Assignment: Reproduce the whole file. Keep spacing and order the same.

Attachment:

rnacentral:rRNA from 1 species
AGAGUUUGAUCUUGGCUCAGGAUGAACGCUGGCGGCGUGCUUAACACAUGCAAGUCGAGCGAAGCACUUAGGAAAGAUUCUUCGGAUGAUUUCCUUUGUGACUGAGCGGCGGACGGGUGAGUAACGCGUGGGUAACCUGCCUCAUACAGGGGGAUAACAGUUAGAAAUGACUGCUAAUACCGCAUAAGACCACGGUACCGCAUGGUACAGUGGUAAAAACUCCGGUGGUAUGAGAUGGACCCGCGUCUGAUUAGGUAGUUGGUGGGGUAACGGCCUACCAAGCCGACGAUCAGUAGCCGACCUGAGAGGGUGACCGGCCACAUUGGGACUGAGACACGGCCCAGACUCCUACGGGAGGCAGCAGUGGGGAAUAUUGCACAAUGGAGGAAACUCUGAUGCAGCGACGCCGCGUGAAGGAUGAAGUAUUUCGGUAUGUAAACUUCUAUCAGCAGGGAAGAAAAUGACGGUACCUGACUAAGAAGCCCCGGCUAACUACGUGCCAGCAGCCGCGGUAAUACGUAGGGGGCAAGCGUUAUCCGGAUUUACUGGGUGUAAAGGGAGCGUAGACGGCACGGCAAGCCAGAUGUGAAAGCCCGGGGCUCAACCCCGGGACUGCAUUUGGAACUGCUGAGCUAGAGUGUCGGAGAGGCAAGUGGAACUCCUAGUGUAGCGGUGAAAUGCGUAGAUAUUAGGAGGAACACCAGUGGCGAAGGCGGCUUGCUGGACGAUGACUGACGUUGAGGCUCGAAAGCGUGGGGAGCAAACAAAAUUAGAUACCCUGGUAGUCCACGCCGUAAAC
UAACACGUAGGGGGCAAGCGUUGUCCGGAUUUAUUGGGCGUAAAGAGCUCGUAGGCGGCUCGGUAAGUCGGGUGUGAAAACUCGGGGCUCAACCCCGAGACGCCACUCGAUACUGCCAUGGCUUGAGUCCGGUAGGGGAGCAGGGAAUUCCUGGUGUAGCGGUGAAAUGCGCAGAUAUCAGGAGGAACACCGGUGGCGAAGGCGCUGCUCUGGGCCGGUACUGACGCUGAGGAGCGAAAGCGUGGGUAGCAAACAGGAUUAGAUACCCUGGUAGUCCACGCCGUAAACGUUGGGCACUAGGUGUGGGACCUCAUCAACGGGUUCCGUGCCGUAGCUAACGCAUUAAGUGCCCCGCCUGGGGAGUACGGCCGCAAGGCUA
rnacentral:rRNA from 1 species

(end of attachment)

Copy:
rnacentral:rRNA from 1 species
AGAGUUUGAUCUUGGCUCAGGAUGAACGCUGGCGGCGUGCUUAACACAUGCAAGUCGAGCGAAGCACUUAGGAAAGAUUCUUCGGAUGAUUUCCUUUGUGACUGAGCGGCGGACGGGUGAGUAACGCGUGGGUAACCUGCCUCAUACAGGGGGAUAACAGUUAGAAAUGACUGCUAAUACCGCAUAAGACCACGGUACCGCAUGGUACAGUGGUAAAAACUCCGGUGGUAUGAGAUGGACCCGCGUCUGAUUAGGUAGUUGGUGGGGUAACGGCCUACCAAGCCGACGAUCAGUAGCCGACCUGAGAGGGUGACCGGCCACAUUGGGACUGAGACACGGCCCAGACUCCUACGGGAGGCAGCAGUGGGGAAUAUUGCACAAUGGAGGAAACUCUGAUGCAGCGACGCCGCGUGAAGGAUGAAGUAUUUCGGUAUGUAAACUUCUAUCAGCAGGGAAGAAAAUGACGGUACCUGACUAAGAAGCCCCGGCUAACUACGUGCCAGCAGCCGCGGUAAUACGUAGGGGGCAAGCGUUAUCCGGAUUUACUGGGUGUAAAGGGAGCGUAGACGGCACGGCAAGCCAGAUGUGAAAGCCCGGGGCUCAACCCCGGGACUGCAUUUGGAACUGCUGAGCUAGAGUGUCGGAGAGGCAAGUGGAACUCCUAGUGUAGCGGUGAAAUGCGUAGAUAUUAGGAGGAACACCAGUGGCGAAGGCGGCUUGCUGGACGAUGACUGACGUUGAGGCUCGAAAGCGUGGGGAGCAAACAAAAUUAGAUACCCUGGUAGUCCACGCCGUAAAC
UAACACGUAGGGGGCAAGCGUUGUCCGGAUUUAUUGGGCGUAAAGAGCUCGUAGGCGGCUCGGUAAGUCGGGUGUGAAAACUCGGGGCUCAACCCCGAGACGCCACUCGAUACUGCCAUGGCUUGAGUCCGGUAGGGGAGCAGGGAAUUCCUGGUGUAGCGGUGAAAUGCGCAGAUAUCAGGAGGAACACCGGUGGCGAAGGCGCUGCUCUGGGCCGGUACUGACGCUGAGGAGCGAAAGCGUGGGUAGCAAACAGGAUUAGAUACCCUGGUAGUCCACGCCGUAAACGUUGGGCACUAGGUGUGGGACCUCAUCAACGGGUUCCGUGCCGUAGCUAACGCAUUAAGUGCCCCGCCUGGGGAGUACGGCCGCAAGGCUA
rnacentral:rRNA from 1 species